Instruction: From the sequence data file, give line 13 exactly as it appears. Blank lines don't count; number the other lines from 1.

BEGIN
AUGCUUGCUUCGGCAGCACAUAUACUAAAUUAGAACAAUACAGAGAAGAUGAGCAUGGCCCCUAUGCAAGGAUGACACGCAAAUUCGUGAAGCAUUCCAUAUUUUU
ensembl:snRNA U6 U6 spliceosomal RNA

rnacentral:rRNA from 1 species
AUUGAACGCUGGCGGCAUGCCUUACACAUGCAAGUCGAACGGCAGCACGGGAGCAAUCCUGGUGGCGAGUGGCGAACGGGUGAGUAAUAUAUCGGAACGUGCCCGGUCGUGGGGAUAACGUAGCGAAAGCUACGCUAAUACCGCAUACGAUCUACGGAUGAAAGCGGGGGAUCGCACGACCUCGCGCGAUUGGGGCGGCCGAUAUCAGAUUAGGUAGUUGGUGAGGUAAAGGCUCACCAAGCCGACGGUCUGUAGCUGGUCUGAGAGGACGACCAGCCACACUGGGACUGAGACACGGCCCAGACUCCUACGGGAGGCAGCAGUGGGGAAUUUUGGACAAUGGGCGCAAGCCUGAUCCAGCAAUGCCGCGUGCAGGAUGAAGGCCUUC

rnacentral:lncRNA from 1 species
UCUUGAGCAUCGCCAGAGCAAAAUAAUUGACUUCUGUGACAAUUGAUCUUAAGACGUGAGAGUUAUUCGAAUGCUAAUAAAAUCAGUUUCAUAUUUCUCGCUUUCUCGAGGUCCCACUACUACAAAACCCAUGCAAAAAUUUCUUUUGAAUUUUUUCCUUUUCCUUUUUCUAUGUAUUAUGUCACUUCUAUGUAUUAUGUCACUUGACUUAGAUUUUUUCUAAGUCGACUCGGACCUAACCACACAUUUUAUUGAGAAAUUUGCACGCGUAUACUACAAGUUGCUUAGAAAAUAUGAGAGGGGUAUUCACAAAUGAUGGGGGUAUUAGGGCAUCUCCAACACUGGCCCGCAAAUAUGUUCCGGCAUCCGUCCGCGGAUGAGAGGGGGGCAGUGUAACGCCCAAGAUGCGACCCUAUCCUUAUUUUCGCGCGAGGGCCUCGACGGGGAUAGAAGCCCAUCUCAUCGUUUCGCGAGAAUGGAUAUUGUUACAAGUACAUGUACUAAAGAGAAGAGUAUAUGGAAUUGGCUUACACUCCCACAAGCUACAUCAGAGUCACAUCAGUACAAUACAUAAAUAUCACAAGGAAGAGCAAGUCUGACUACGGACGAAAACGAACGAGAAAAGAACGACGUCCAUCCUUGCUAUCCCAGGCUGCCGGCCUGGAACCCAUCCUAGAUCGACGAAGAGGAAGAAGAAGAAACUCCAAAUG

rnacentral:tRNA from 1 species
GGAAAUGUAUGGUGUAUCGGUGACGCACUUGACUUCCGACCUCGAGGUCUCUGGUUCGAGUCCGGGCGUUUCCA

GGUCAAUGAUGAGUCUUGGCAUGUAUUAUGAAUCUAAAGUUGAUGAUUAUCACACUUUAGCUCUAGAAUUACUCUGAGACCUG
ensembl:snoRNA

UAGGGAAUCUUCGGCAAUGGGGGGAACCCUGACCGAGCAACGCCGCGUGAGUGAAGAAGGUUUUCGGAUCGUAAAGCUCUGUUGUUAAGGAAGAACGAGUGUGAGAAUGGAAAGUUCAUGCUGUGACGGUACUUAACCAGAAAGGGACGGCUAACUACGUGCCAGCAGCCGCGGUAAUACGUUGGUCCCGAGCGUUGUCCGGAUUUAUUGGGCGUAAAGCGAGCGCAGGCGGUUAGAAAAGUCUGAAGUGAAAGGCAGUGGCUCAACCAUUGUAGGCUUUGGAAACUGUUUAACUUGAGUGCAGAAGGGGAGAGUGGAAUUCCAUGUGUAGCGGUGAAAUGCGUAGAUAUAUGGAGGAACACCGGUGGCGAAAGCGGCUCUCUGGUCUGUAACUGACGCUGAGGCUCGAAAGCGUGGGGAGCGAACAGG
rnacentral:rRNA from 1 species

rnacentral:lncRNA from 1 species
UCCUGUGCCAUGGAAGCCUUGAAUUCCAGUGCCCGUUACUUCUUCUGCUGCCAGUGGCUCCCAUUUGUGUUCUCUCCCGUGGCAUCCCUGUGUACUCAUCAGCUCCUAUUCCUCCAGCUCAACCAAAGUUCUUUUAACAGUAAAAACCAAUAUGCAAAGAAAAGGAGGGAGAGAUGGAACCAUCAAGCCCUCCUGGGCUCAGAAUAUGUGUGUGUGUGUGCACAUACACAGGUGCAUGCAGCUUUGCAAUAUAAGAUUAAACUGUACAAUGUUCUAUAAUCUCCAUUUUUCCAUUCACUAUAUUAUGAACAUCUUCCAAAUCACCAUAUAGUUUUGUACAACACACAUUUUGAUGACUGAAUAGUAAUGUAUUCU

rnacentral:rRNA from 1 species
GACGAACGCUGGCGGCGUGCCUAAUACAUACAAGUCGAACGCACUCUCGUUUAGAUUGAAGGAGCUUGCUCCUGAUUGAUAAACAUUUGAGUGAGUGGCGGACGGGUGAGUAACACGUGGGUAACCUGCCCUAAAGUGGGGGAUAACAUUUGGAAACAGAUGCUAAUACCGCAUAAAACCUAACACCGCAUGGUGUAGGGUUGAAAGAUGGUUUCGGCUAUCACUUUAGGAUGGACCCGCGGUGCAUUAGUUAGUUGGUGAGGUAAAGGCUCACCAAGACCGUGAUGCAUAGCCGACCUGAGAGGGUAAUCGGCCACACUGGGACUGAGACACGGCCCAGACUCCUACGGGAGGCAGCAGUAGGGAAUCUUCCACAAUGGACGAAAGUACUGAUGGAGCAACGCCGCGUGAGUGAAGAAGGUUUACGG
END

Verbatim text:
rnacentral:lncRNA from 1 species